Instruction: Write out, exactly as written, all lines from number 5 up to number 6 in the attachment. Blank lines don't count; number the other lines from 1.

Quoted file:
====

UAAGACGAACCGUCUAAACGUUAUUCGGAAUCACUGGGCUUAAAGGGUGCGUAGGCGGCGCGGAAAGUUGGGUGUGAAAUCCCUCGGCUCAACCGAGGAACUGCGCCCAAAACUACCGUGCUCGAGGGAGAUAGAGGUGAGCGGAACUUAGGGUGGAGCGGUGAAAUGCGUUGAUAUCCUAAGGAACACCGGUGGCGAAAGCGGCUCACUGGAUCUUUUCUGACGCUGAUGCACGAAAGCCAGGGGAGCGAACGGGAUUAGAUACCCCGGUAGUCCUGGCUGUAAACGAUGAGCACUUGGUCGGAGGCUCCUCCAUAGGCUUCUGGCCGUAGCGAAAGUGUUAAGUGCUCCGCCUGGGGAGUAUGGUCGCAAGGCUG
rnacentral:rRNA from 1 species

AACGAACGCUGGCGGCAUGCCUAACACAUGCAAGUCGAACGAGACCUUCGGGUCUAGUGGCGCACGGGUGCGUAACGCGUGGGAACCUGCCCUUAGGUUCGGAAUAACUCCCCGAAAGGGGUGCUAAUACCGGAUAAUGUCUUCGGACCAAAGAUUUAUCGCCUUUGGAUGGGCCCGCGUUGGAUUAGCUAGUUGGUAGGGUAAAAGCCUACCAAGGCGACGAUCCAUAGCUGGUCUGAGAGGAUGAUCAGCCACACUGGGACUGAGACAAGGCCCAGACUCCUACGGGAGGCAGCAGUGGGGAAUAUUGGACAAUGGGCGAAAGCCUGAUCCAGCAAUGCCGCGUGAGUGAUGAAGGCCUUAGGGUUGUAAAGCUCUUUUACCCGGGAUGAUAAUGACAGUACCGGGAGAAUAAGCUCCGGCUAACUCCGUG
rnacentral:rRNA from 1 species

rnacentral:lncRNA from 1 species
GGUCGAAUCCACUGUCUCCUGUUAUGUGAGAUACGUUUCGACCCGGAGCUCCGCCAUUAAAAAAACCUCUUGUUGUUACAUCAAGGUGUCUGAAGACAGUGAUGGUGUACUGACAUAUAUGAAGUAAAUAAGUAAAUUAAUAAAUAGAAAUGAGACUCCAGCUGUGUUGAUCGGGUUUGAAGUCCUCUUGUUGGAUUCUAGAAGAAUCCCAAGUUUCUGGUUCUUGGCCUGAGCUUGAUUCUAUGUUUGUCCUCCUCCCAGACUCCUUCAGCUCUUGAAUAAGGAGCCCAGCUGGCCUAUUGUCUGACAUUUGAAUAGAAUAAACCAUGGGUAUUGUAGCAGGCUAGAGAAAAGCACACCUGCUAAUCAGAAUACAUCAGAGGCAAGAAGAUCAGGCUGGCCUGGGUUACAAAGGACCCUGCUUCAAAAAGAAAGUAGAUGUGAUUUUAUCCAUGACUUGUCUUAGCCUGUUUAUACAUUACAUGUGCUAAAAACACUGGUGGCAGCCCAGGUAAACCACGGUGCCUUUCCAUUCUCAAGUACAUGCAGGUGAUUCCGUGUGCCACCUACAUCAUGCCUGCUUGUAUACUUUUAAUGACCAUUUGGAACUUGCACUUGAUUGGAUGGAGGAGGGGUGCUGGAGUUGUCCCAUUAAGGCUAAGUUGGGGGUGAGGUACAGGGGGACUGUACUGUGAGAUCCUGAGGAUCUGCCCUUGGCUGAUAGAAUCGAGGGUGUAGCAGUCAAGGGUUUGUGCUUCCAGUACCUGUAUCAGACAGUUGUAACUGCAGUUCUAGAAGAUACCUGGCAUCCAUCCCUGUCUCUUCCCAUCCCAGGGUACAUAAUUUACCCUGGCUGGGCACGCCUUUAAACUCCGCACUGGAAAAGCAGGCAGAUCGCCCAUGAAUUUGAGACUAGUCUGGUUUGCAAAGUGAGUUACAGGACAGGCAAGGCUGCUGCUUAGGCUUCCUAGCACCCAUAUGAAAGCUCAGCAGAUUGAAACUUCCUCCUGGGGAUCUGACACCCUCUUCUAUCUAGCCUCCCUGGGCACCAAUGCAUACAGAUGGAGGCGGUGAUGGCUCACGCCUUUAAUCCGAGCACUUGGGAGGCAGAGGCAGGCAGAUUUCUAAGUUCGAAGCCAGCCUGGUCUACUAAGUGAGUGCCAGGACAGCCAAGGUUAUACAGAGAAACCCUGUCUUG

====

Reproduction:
rnacentral:lncRNA from 1 species
GGUCGAAUCCACUGUCUCCUGUUAUGUGAGAUACGUUUCGACCCGGAGCUCCGCCAUUAAAAAAACCUCUUGUUGUUACAUCAAGGUGUCUGAAGACAGUGAUGGUGUACUGACAUAUAUGAAGUAAAUAAGUAAAUUAAUAAAUAGAAAUGAGACUCCAGCUGUGUUGAUCGGGUUUGAAGUCCUCUUGUUGGAUUCUAGAAGAAUCCCAAGUUUCUGGUUCUUGGCCUGAGCUUGAUUCUAUGUUUGUCCUCCUCCCAGACUCCUUCAGCUCUUGAAUAAGGAGCCCAGCUGGCCUAUUGUCUGACAUUUGAAUAGAAUAAACCAUGGGUAUUGUAGCAGGCUAGAGAAAAGCACACCUGCUAAUCAGAAUACAUCAGAGGCAAGAAGAUCAGGCUGGCCUGGGUUACAAAGGACCCUGCUUCAAAAAGAAAGUAGAUGUGAUUUUAUCCAUGACUUGUCUUAGCCUGUUUAUACAUUACAUGUGCUAAAAACACUGGUGGCAGCCCAGGUAAACCACGGUGCCUUUCCAUUCUCAAGUACAUGCAGGUGAUUCCGUGUGCCACCUACAUCAUGCCUGCUUGUAUACUUUUAAUGACCAUUUGGAACUUGCACUUGAUUGGAUGGAGGAGGGGUGCUGGAGUUGUCCCAUUAAGGCUAAGUUGGGGGUGAGGUACAGGGGGACUGUACUGUGAGAUCCUGAGGAUCUGCCCUUGGCUGAUAGAAUCGAGGGUGUAGCAGUCAAGGGUUUGUGCUUCCAGUACCUGUAUCAGACAGUUGUAACUGCAGUUCUAGAAGAUACCUGGCAUCCAUCCCUGUCUCUUCCCAUCCCAGGGUACAUAAUUUACCCUGGCUGGGCACGCCUUUAAACUCCGCACUGGAAAAGCAGGCAGAUCGCCCAUGAAUUUGAGACUAGUCUGGUUUGCAAAGUGAGUUACAGGACAGGCAAGGCUGCUGCUUAGGCUUCCUAGCACCCAUAUGAAAGCUCAGCAGAUUGAAACUUCCUCCUGGGGAUCUGACACCCUCUUCUAUCUAGCCUCCCUGGGCACCAAUGCAUACAGAUGGAGGCGGUGAUGGCUCACGCCUUUAAUCCGAGCACUUGGGAGGCAGAGGCAGGCAGAUUUCUAAGUUCGAAGCCAGCCUGGUCUACUAAGUGAGUGCCAGGACAGCCAAGGUUAUACAGAGAAACCCUGUCUUG